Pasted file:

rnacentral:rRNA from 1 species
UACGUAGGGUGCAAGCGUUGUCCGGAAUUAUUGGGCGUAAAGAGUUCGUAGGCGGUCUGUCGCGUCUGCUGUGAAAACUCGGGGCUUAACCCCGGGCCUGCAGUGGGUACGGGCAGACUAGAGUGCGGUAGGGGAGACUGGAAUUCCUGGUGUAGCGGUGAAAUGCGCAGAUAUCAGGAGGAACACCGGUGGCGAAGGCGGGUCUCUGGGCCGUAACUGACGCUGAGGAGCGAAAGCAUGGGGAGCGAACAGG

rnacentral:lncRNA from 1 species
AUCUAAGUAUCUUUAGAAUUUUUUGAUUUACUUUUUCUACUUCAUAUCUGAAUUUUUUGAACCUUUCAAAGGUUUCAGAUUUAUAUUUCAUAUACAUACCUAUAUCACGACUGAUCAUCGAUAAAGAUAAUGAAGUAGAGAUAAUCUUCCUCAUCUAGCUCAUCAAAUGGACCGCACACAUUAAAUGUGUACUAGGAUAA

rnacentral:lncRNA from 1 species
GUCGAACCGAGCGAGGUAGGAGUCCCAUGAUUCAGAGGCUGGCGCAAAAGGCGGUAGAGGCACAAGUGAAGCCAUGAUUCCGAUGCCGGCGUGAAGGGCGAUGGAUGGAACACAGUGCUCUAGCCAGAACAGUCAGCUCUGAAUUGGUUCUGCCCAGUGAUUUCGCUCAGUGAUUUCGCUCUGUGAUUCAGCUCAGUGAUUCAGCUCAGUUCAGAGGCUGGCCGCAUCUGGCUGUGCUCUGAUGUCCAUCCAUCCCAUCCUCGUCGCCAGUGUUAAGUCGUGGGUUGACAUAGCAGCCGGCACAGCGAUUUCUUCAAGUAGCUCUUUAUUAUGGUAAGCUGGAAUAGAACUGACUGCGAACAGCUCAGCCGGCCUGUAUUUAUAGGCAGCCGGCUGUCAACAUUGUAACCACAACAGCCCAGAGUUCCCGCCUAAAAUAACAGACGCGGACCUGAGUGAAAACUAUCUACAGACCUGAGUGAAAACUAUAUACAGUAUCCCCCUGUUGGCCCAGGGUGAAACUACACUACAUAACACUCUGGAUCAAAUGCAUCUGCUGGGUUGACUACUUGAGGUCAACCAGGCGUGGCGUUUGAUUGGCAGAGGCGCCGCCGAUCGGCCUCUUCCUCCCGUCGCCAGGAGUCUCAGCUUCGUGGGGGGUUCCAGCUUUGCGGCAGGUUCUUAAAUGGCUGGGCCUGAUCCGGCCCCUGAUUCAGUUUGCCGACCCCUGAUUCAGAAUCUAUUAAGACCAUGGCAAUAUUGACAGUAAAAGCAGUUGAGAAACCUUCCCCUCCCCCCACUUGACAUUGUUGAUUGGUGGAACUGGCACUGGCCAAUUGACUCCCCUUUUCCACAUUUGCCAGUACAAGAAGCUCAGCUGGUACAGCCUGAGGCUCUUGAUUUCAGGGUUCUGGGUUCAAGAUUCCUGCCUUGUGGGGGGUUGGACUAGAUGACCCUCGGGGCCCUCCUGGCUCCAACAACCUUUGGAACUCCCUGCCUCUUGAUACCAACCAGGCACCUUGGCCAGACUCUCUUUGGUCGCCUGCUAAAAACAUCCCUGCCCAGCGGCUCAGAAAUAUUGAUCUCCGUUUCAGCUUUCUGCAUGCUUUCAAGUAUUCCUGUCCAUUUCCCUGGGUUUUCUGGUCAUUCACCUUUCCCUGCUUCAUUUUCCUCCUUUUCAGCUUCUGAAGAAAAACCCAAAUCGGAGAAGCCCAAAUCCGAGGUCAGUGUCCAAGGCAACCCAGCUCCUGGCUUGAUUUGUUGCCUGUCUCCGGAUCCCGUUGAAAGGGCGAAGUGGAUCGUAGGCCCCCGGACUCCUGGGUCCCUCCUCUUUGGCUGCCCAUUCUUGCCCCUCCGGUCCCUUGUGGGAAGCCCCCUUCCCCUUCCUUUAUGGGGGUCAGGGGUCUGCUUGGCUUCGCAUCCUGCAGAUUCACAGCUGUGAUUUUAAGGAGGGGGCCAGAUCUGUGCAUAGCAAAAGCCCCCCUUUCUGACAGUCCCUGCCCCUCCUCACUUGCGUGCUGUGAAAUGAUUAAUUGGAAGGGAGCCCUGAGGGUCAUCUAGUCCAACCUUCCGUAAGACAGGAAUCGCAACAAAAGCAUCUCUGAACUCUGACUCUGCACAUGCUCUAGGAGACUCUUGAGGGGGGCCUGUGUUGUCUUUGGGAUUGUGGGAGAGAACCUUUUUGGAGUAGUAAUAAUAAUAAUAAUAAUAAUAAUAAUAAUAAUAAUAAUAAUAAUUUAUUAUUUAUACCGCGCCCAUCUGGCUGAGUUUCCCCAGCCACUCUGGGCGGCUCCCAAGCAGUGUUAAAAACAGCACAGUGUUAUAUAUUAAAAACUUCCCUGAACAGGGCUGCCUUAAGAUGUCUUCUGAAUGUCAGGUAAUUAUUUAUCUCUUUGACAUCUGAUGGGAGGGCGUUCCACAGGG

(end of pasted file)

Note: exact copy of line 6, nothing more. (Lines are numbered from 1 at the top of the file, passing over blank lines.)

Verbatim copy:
GUCGAACCGAGCGAGGUAGGAGUCCCAUGAUUCAGAGGCUGGCGCAAAAGGCGGUAGAGGCACAAGUGAAGCCAUGAUUCCGAUGCCGGCGUGAAGGGCGAUGGAUGGAACACAGUGCUCUAGCCAGAACAGUCAGCUCUGAAUUGGUUCUGCCCAGUGAUUUCGCUCAGUGAUUUCGCUCUGUGAUUCAGCUCAGUGAUUCAGCUCAGUUCAGAGGCUGGCCGCAUCUGGCUGUGCUCUGAUGUCCAUCCAUCCCAUCCUCGUCGCCAGUGUUAAGUCGUGGGUUGACAUAGCAGCCGGCACAGCGAUUUCUUCAAGUAGCUCUUUAUUAUGGUAAGCUGGAAUAGAACUGACUGCGAACAGCUCAGCCGGCCUGUAUUUAUAGGCAGCCGGCUGUCAACAUUGUAACCACAACAGCCCAGAGUUCCCGCCUAAAAUAACAGACGCGGACCUGAGUGAAAACUAUCUACAGACCUGAGUGAAAACUAUAUACAGUAUCCCCCUGUUGGCCCAGGGUGAAACUACACUACAUAACACUCUGGAUCAAAUGCAUCUGCUGGGUUGACUACUUGAGGUCAACCAGGCGUGGCGUUUGAUUGGCAGAGGCGCCGCCGAUCGGCCUCUUCCUCCCGUCGCCAGGAGUCUCAGCUUCGUGGGGGGUUCCAGCUUUGCGGCAGGUUCUUAAAUGGCUGGGCCUGAUCCGGCCCCUGAUUCAGUUUGCCGACCCCUGAUUCAGAAUCUAUUAAGACCAUGGCAAUAUUGACAGUAAAAGCAGUUGAGAAACCUUCCCCUCCCCCCACUUGACAUUGUUGAUUGGUGGAACUGGCACUGGCCAAUUGACUCCCCUUUUCCACAUUUGCCAGUACAAGAAGCUCAGCUGGUACAGCCUGAGGCUCUUGAUUUCAGGGUUCUGGGUUCAAGAUUCCUGCCUUGUGGGGGGUUGGACUAGAUGACCCUCGGGGCCCUCCUGGCUCCAACAACCUUUGGAACUCCCUGCCUCUUGAUACCAACCAGGCACCUUGGCCAGACUCUCUUUGGUCGCCUGCUAAAAACAUCCCUGCCCAGCGGCUCAGAAAUAUUGAUCUCCGUUUCAGCUUUCUGCAUGCUUUCAAGUAUUCCUGUCCAUUUCCCUGGGUUUUCUGGUCAUUCACCUUUCCCUGCUUCAUUUUCCUCCUUUUCAGCUUCUGAAGAAAAACCCAAAUCGGAGAAGCCCAAAUCCGAGGUCAGUGUCCAAGGCAACCCAGCUCCUGGCUUGAUUUGUUGCCUGUCUCCGGAUCCCGUUGAAAGGGCGAAGUGGAUCGUAGGCCCCCGGACUCCUGGGUCCCUCCUCUUUGGCUGCCCAUUCUUGCCCCUCCGGUCCCUUGUGGGAAGCCCCCUUCCCCUUCCUUUAUGGGGGUCAGGGGUCUGCUUGGCUUCGCAUCCUGCAGAUUCACAGCUGUGAUUUUAAGGAGGGGGCCAGAUCUGUGCAUAGCAAAAGCCCCCCUUUCUGACAGUCCCUGCCCCUCCUCACUUGCGUGCUGUGAAAUGAUUAAUUGGAAGGGAGCCCUGAGGGUCAUCUAGUCCAACCUUCCGUAAGACAGGAAUCGCAACAAAAGCAUCUCUGAACUCUGACUCUGCACAUGCUCUAGGAGACUCUUGAGGGGGGCCUGUGUUGUCUUUGGGAUUGUGGGAGAGAACCUUUUUGGAGUAGUAAUAAUAAUAAUAAUAAUAAUAAUAAUAAUAAUAAUAAUAAUAAUUUAUUAUUUAUACCGCGCCCAUCUGGCUGAGUUUCCCCAGCCACUCUGGGCGGCUCCCAAGCAGUGUUAAAAACAGCACAGUGUUAUAUAUUAAAAACUUCCCUGAACAGGGCUGCCUUAAGAUGUCUUCUGAAUGUCAGGUAAUUAUUUAUCUCUUUGACAUCUGAUGGGAGGGCGUUCCACAGGG